Cooper and Kefauver became friends and even double dated occasionally, according to Kefauver’s biographer, Charles Fontenay. One of Cooper’s lady friends was admiring Kefauver a little too openly while they played golf and the tart-tongued Cooper made mention of it, causing his girl friend to sigh, “But, Prentice, he has such nice-looking shoulders!”

Needless to say, she did not become Mrs. Prentice Cooper.

After being elected governor in 1938, Cooper called for his friend Kefauver to serve as Commissioner of Finance and Taxation in his first administration. Kefauver politely refused the first offer and his former rival, State Senator Joe Bean promptly recommended another Chattanooga lawyer for the post. The peppery little governor evidently adamantly refused to consider anybody but Estes Kefauver.

Well after he had left the governor’s office, Prentice Cooper told journalist and Kefauver biographer Charles Fontenay that he insisted upon Estes Kefauver to serve as Commissioner of Finance for the simplest of reasons: “He was an honest man.”

Cooper explained, “You know, people will say ‘It shouldn’t be hard to find an honest man’. But a politically honest man is not only honest himself – - – he sees to it that everyone who works for him is honest.”

Kefauver had asked his senior law partner whether or not he should accept Governor Cooper’s offer and John Chambliss immediately said he should reject the offer. Chambliss pointed out Kefauver was making around $25,000 a year as an attorney, a considerable income at the time. The salary for the Commissioner for Finance was some $4,000 annually. Kefauver was a notoriously soft touch and was frequently sought out by former clients and friends who desperately needed money and the generous Kefauver would dole out small amounts here and there. It was eventually a continuous drain upon Estes Kefauver’s financial resources.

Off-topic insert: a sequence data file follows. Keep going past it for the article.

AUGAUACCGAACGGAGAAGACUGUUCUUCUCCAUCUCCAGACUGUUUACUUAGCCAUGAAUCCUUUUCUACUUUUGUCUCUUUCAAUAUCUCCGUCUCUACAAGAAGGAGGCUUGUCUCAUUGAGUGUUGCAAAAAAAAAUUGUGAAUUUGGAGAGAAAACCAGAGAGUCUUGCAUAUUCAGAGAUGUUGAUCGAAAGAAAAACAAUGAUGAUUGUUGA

Finally Estes Kefauver relented and accepted Governor Prentice Cooper’s invitation to join his administration, although Kefauver cautioned the chief executive it was only a “temporary” acceptance.

Despite being wealthy, Prentice Cooper had a parsimonious soul and it was not unusual for the diminutive governor to ride the bus from his Capitol Hill office back to the governor’s mansion. His penchant for penny-pinching certainly extended to government and Estes Kefauver found himself trimming the state’s budget.

Upon his arrival in Nashville, Kefauver walked past a horde of silent state employees with grim faces. Kefauver looked at his executive assistant and murmured, “Tell them to go back to work. I’m not going to fire everybody.”

Working very long hours, besieged by those seeking state jobs, Kefauver often did not end his day until well after the sun went down. His wife, Nancy, would oftentimes come to his office so they could go out to supper together. Kefauver would then return to his office to dictate his mail.

Kefauver finally left his post in April of 1939 and rejoined his former law firm. Kefauver had barely settled back into the routine of practicing law before the Congressman from Tennessee’s Third District died unexpectedly July 11, 1939. There would be a brutal fight inside the Democratic Party to succeed an incumbent who had been in office since 1923.

To the dismay of friends and against the advice of his father, Estes Kefauver announced he was running for Congress.

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  3. Governor Prentice Cooper, Chapter II